• Visitor experience programs and products relating to Inuit culture and the park need development.
  • Visitor safety is of great importance to the communities of Mittimatalik and Ikpiarjuk.
  • A need was identified for more visitor information and more promotional materials on the park.

Monitoring programs

Monitoring programs on the state of the park’s ecological integrity, cultural resources, visitor experience and public outreach and education have been initiated but there are gaps for some indicators.

  • Reliable information is available from Inuit knowledge and research for some ecological integrity indicators, but there are gaps for other indicators.
  • Most of the ecological research and monitoring conducted in Sirmilik National Park since the 1980s has been done by universities and other organizations. Their work has contributed significantly to the assessment of the state of the park.
  • There are 66 recorded archaeological sites in Sirmilik National Park and the cultural resource evaluations and monitoring program for the park is in its early stages of development and implementation.
  • Many of the measures for Visitor Experience indicators could not be rated because the data was not available.
  • Monitoring of outreach and education programs and products is in early stages of development.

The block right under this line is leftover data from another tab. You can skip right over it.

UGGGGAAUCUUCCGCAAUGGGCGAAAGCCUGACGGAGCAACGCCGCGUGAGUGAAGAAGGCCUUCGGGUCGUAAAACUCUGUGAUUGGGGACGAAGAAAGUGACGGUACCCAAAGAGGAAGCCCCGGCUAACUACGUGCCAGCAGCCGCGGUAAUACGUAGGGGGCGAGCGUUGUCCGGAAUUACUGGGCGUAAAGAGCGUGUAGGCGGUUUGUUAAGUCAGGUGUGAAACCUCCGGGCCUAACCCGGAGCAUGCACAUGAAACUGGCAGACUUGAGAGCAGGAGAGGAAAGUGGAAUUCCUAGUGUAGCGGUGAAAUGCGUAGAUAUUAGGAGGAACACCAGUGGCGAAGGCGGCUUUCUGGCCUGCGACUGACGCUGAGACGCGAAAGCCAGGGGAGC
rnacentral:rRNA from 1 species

Appendix

Description of Rating Assessments for State of Ecological Integrity
Good Good-not rated The ecosystem is presently secure, and contains a healthy composition and abundance of native species and biological communities, rates of change and supporting processes. No major active management actions are required.
Fair Fair-not rated The ecosystem is presently vulnerable and does not contain a completely healthy composition and abundance of native species and biological communities, rates of change and supporting processes. Active management actions may be required.
Poor Poor-not rated The ecosystem is impaired and does not contain a healthy composition and abundance of native species and biological communities, rates of change and supporting processes. Significant and ongoing management actions are required.
Not rated N/R There is presently not enough information available to provide a condition for the indicator.

Description of Rating Assessments for State of Cultural Resources
Good Good-not rated Good, effective, or not currently impaired.
Fair Fair-not rated Fair, or minor to moderate impairment. Requires improvement.
Poor Poor-not rated Poor, ineffective, seriously impaired or a significant attribute missing (whether related to condition or selected management practices).
Not rated N/R Not rated or not reported on because the information is not available.
Not applicable N/A Not applicable; the question does not apply.

Description of Trend Assessment for State Indicators
Improving Not rated-improving The state of the indicator/measure has improved since the last assessment.
Stable Not rated-stable The state of the indicator/measure has not changed since the last assessment.
Declining Not rated-declining The state of the indicator/measure has declined since the last assessment.